In central Kenya, Lake Nakuru National Park attracts visitors to the floor of the Rift Valley. On the banks of the glistening soda lake, sprays of pink flamingos can be seen from rocky vantage points or the towering escarpment above. This 188-square-kilometre UNESCO World Heritage Site protects 400 species of birds and endangered wildlife, including black and white rhinos and the Rothschild’s giraffe. It’s here in Lake Nakuru National Park that you’ll find The Cliff Camp, gently presiding over the water. Remarkably, not a single tree was felled to construct the ten-suite camp, a testament to the respect we share for the surrounding land and its living creatures. For a holistic experience, our guests can join The Cliff Boat Safari for a photographic voyage across the lake. In the sanctuary of the Important Bird Area and Endemic Bird Area, you’re bound to discover rich birdlife and water-dwelling mammals.

Ol Pejeta Wildlife Conservancy lies just beneath the dramatic snow-capped summit of Mount Kenya. It’s here in the embrace of nature that the world’s last northern white rhinos exist, among a flourish of other species like black rhinos, lions, leopards, elephants, and antelope. In the conservancy’s southern reaches, The River Camp sits beside the Ngobit River in an area known for its lush vegetation and vibrant riverbanks. In this exclusive location, safari activities are diverse.

Along with daily game drives, guests can set off on horseback rides in the open plains, track lions with researchers, and take a guided bush walk or mountain bike. But perhaps the most spellbinding of all is the opportunity to see the two last remaining white rhinos in the wild with an educational expedition geared towards both adults and children. The River Camp hosts just 20 guests at a time with secluded tents that feature private decks and outdoor showers, all facing the view beyond.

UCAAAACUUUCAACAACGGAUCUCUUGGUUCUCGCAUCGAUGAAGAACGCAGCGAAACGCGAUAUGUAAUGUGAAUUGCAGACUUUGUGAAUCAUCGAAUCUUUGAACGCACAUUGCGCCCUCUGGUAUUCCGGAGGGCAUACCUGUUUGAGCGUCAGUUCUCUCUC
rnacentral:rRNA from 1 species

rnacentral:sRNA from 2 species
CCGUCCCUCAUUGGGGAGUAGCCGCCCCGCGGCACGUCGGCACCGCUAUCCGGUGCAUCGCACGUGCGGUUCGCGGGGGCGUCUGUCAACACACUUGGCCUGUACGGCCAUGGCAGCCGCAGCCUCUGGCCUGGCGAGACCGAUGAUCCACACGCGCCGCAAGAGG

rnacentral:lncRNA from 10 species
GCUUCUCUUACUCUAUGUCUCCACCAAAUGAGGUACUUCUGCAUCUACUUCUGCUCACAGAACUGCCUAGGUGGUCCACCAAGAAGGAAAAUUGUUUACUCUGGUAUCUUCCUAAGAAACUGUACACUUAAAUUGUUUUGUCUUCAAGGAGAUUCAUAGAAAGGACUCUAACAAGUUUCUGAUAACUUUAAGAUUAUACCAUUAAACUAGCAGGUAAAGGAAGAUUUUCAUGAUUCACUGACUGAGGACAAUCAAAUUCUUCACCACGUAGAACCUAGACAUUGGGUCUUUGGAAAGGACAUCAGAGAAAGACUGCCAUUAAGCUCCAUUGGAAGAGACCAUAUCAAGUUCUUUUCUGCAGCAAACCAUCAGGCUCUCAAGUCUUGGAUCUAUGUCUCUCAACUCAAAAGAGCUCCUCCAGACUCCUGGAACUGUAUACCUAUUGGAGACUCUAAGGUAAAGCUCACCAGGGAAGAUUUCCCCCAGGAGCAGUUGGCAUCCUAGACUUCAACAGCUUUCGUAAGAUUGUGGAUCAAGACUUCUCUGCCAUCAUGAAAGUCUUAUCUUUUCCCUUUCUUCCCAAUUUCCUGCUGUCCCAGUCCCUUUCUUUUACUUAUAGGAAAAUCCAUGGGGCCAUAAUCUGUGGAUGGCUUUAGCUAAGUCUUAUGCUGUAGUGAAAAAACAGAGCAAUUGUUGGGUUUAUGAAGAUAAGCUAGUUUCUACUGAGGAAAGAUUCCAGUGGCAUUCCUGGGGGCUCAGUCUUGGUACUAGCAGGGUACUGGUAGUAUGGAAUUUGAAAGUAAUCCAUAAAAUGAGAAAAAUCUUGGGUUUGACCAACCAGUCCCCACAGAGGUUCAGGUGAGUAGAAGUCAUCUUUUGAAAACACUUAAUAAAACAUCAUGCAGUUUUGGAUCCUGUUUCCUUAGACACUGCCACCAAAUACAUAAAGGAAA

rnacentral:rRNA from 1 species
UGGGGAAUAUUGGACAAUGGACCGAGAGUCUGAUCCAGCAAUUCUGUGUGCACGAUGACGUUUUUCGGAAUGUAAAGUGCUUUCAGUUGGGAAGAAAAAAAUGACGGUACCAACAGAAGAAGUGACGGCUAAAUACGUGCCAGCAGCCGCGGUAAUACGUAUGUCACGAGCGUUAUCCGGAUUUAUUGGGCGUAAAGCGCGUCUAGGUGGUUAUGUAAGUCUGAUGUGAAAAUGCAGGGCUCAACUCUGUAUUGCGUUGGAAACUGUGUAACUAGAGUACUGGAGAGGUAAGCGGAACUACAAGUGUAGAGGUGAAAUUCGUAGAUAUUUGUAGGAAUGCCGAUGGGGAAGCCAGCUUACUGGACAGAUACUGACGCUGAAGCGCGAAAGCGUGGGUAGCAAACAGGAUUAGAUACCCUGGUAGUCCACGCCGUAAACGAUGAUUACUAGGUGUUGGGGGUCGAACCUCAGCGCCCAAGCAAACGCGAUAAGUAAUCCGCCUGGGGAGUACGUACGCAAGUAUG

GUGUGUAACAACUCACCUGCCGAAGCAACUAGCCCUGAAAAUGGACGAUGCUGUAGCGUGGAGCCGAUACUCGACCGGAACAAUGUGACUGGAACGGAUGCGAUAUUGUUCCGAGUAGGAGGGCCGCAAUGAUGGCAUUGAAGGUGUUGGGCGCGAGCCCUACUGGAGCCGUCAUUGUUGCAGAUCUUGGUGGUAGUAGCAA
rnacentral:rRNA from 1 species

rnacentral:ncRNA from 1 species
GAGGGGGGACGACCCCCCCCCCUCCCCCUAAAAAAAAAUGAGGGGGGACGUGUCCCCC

Live on the Wilder Side and Uncover Kenya

There’s a reason winter is considered the best time for a safari. Over the coming dry months, the vegetation across our wilderness begins to thin out, revealing spectacular wildlife viewing opportunities, on land, foot and from the sky. At this time of year, animals search for water, congregating at its source seeking reprieve. For visitors this means dramatic wildlife scenes and thrilling moments observing large herds of animals and even predators up close.

When winter eventually dwindles and the warmth of summer returns, along with the rain, these lands will be transformed again. When the wet season finally arrives in the Maasai Mara, first in short intermittent bouts in November, then gathering strength in April and May, dramatic textures fill the vast sky in the late afternoon each day. And then it's over. In its wake, the Earth is quenched, and everything thrives. Life on the plains and the Great Migration begin again.

We celebrate this time of renewal as we welcome you to uncover the beauty of Kenya in each season at our intimate camps scattered throughout the Maasai Mara, Ol Pejeta Conservancy and Lake Nakuru. Dare to explore diverse landscapes, and discover the wonder of wild Kenya for yourself.